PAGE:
Until recently, outside director compensation has not been subject to similar scrutiny primarily due to the narrow range of pay practices for directors, in both pay value and design/delivery. However, a new heightened level of scrutiny is now being applied to outside director pay. This has prompted many companies and their boards of directors to consider what, if any, actions they might take to help mitigate the risk of lawsuits, proxy advisor criticism, and the associated bad press related to director compensation.
Two developments are driving the increased scrutiny over director compensation. First, in recent years, Delaware court rulings have held that a company must have meaningful limits on non-employee director pay in order to receive the protection of a favorable standard of review in the event of shareholder litigation. Furthermore, the Delaware Supreme Court’s most recent Investors Bancorp decision raises the question of whether companies should consider eliminating directors’ discretion in setting their own compensation altogether. These rulings may lead to an increase in shareholder litigation challenging director compensation going forward.
Second, one of the larger proxy advisory firms, Institutional Shareholder Services (ISS), recently adopted a policy of recommending that shareholders vote against members of the board committee that are responsible for approving or setting non-employee director pay if there is a pattern of excessive director compensation without disclosing compelling rationale or other mitigating factors.
In response to the recent litigation and court decisions over director pay, many public companies have determined to include specific annual compensation limits on director compensation in their shareholder-approved equity plans. Some companies have implemented annual limits on total compensation (which is the most current trend), while others have implemented limits on individual pay components (i.e., separate limits on annual cash compensation and equity awards). A small number of others are contemplating whether to establish a fixed amount or formula for director compensation, thereby removing any use of discretion in setting pay levels.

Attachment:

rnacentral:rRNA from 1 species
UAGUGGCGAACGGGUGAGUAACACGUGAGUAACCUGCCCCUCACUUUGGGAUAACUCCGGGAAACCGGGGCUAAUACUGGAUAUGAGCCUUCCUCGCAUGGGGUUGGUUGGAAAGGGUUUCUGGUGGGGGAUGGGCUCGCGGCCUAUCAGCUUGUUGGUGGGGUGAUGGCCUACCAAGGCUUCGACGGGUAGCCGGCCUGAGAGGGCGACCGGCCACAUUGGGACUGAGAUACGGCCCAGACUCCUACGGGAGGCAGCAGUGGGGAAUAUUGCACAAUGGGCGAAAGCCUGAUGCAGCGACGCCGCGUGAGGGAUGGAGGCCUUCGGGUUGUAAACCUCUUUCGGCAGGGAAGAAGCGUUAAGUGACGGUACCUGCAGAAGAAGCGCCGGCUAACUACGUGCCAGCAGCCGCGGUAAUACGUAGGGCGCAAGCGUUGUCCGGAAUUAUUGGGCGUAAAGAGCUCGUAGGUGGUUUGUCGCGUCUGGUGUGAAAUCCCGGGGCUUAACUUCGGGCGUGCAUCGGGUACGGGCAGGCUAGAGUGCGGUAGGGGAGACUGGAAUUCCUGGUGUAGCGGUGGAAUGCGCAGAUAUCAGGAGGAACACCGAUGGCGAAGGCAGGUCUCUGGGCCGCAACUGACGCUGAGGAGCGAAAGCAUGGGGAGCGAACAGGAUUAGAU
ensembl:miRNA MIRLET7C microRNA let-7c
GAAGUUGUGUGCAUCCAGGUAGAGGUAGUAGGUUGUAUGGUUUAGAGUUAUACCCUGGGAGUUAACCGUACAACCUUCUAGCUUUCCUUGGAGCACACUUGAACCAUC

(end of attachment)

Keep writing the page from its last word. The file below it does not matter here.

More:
Not surprisingly, some companies and their boards are resistant to impose such prescriptive restrictions, as they significantly limit boards’ flexibility in setting director compensation, especially under special circumstances. Moreover, the implications of the recent line of Delaware court decisions do not provide bright line specific guidance as to how far a company must go to receive a favorable standard of review in the event of litigation. Lastly, imposing prescriptive limits by plan design and receiving shareholder approval on such plans comes at a cost to the company in terms of committing significant time and resources to the effort. Those companies may be more inclined to at least consider adding prescriptive limits if and when they have other reasons to take their plans back to the shareholders for approval (i.e., when they need a new pool of shares).
Alternative Governance Actions
Whether a company has already imposed or is planning to impose prescriptive restrictions on director pay or a company remains resistant to taking any such actions, there are several preemptive measures a company may consider to help minimize the risk of criticism from proxy advisors and investors, as well as the risk of lawsuits challenging director compensation, including:
- Adopt a formal outside director pay philosophy and focus on director pay governance processes, with annual peer group reviews, competitive benchmarking assessments and pay positioning evaluations;
- Apply a director pay limit (e.g., as evidenced in the relevant meeting minutes), even in advance of or in lieu of a shareholder-approved plan amendment imposing the same; and
- Provide clear proxy disclosure of a company’s director pay philosophy, methodologies for setting director compensation and rationale for any pay decisions that may be unusual or a result of special circumstances.
While none of the prescriptive limits or governance actions referenced above guarantee that companies will avoid criticism or litigation over director compensation, plaintiffs’ counsel are more likely to look for “low hanging fruit” among companies whose plans include no limits on director pay and/or have limited disclosure on the “how and why” for setting director pay.
Furthermore, understanding how recent court decisions and ISS’s new policy against excessive director compensation might apply to a company’s specific circumstances, and what actions the company and its board members should consider taking to minimize the risk of lawsuits or criticism, requires boards to engage in a careful balancing act of several competing factors. However, one thing appears certain – boards that continue to ignore the increasing focus on director compensation levels do so at their peril.